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Thursday, 16 October 2014

Patara and Saturnalia

What does Patara have to do with Saturn? 

Nothing... and everything!  The little village of Patara had a major impact on many of today's democracies.  But Patara has had another major impact. What is Patara's link to a festival in honour of the Roman god Saturn, after whom we have named a day of the week (Saturday), a planet and a car.

Patara's Most Famous Citizen


Patara had one famous citizen that everyone knows. Born on 15 March 270 CE, several legends abound about his charity ‒ but who knows which are true. Perhaps the most well-known was his anonymously helping a man who did not have a dowry to marry his three daughters. In those days if you did not have a dowry, they would not have married but would have become prostitutes. 
 
Knowing the father would not accept charity, he left a bag of gold in the man's house for each daughter as they came of age.  To avoid being found out he dropped the second and third packages down the chimney.  One variant said the bag fell into shoes ‒ or was it stockings being hung to dry?
 
He became bishop of the city of Myra (called Demre today). He helped convene the Council of Nicaea in 325 CE, which formulated the New Testament, and later was made a saint.  Patara was the birthplace of Saint Nicolas. Our present day name comes from Sinterklaas, Dutch for Saint Nicolas.  He is known to us as Santa Claus.  So Santa Claus has a Turkish origin ‒ wow!  

Saturnalia


Harvest Festival
In fact, Christmas is not Christian in origin.  The Roman festival of Saturnalia celebrated the harvest and the end of ever shorter days, the winter solstice.  Saturn was the god of agriculture and wealth.  The Temple of Saturn in Rome was the treasury of the Roman Empire ‒ food was wealth in ancient times.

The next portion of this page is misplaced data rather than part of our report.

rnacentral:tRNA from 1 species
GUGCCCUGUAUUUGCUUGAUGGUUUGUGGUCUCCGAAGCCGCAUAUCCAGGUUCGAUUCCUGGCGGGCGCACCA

Saturn (or Cronus in Ancient Greek) was the god of agriculture.  One of his main symbols is the sickle of Father Time, which is not only an agricultural tool but a remnant of Cronus, which means time.  That is because delineating the seasons (time) is very important to agriculture. 

Saturnalia consisted of gift-giving, partying, drinking, and singing in the streets.  Romans even served supper to their slaves and gave them gifts. Homes were decorated with wreaths and greenery.  It was a Festival of Lights except that candles were used.  People spent weeks preparing and buying for Saturnalia.  Sound familiar?  Conspicuous consumption is not a modern invention. 

This festival was so popular it grew from one day to one week, taking in the winter solstice on December 24th (after the calendar was adjusted) and ending with Sol Invictus on December 25th.   As this was the beginning of longer days it is apropos to think of this as the re-birth of the sun god, Apollo, whose influence we have already seen in the Didyma and the God Apollo post.
 
Nativity Scene, Santa Maria d'Aracoeli, Rome

In the year 375 CE, Pope Julius I declared the birth of Jesus as December 25th.  Was this done to align it with the birthday of Apollo? Perhaps, but it is more likely to align it with the most powerful alternative religion, Mithraism.  

Saturnalia was just too popular to stop. It was easier to convince pagans to convert to Christianity by recasting Saturnalia as Christmas. This policy of cultural assimilation is reinforced by how many pagan temples became churches.  The Vatican itself was built on the ruins of a Mithraic Temple.  Why not build churches somewhere else?

Thotsakan, the Green Giant, Wat Arun
If you are still skeptical, just look at how often this happens around the world.  Look at how the Buddhists incorporated spirits and superstitions in Thailand and Burma.  So demons like Thotsakan in the photo of Wat Arun (Bangkok) became defenders of Budhha.  He is the King of the Demons from the epic Hindu story, the Ramayana.  Buddhism included major aspects of Hinduism into their religion.  This was a strategy for converting people to their faith.  It is very common to all human culture.
 

Pantheon, Temple of All the Gods
In order to convert the pagans, the early Christians in the Roman Empire took over many pagan customs, festivals and temples.  They reinterpreted these customs so they became a vital part of Christianity Thus the people could continue the festival of Saturnalia that they loved so much, which became Christmas.    
 
The pagan mother goddess became Mary.  The most famous and still in use building of Ancient Rome, the Pantheon, or Temple of All the Gods, became the church of St. Mary, Mother of God.  An ancient festival of the dead became Halloween.  All Popes use the title Pontifex Maximus, the title of the chief priest of the Ancient Roman religion.